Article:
The system of FIG. 4 has several characteristics:

  • 1. The view on the display device moves into the same direction as it is tilted. In one embodiment, the movement of the portion of the virtual data object displayed on the display device is proportional to the change amount and/or rate of the rotational movement.
  • 2. When the distance between the VP and VD increases, the same tilting angle causes greater movements on the virtual screen VS. In other words, the browsing speed of the information on the display device increases as the distance between the VP and VD increases. In one embodiment, this movement factor can be adjusted by the user of the hand-held device.
  • 3. When rotating the display device, the view on the display device remains unchanged in relative to the user.
  • 4. The view on the display device depends on the position and orientation of the VS, VP and VD.
  • 5. A certain VS-VP-VD position/orientation combination always constitute the same view on the display device.
  • 6. When the position of the VD alters, the viewing angle between the VP and VD changes.
  • 7. Zooming can be implemented by changing the position of the VS, VP and VD.
  • 8. Zooming can be implemented by enlarging the object on the VS or altering the radius of curvature of the mirror (VD).
  • 9. If the figure on the VS is in the right way when viewed from the VP, the view on the VD is mirrored (horizontally inversed).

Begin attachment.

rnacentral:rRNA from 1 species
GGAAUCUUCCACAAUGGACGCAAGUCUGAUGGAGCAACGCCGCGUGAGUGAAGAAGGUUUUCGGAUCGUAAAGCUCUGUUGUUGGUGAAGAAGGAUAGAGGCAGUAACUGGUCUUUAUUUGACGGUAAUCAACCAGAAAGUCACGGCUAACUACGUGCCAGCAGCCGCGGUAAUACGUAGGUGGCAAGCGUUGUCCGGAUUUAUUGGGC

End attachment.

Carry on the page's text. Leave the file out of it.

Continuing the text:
The present invention does not have to implement all the aforementioned features, but the most appropriate ones can be chosen. The ideal mirror-like functionality means that the information on the display device changes when:

a) the location or orientation of the hand-held device in proportion to the coordinates bound to the physical environment changes,

b) the location of the user (VP) in proportion to the coordinates bound to the hand-held device changes,

c) the virtual location of the data (virtual screen) displayed on the display device in proportion to the coordinates bound to the physical environment changes.

In order to simulate the operation of a mirror to the user, the information on the display device is changed at least either according to a) or b). If only a) or b) is taken into consideration, the operation of the display is not so mirror-like as if both a) and b) were implemented. In one embodiment, the display device operates according to all a), b) and c).

FIGS. 10 a-d illustrate another example of calculation which is explained with reference to FIG. 4. FIG. 10 c is a side view of FIG. 10 a and FIG. 10 d is a side view of FIG. 10 b. In this example the virtual screen is referred to as the virtual surface 200.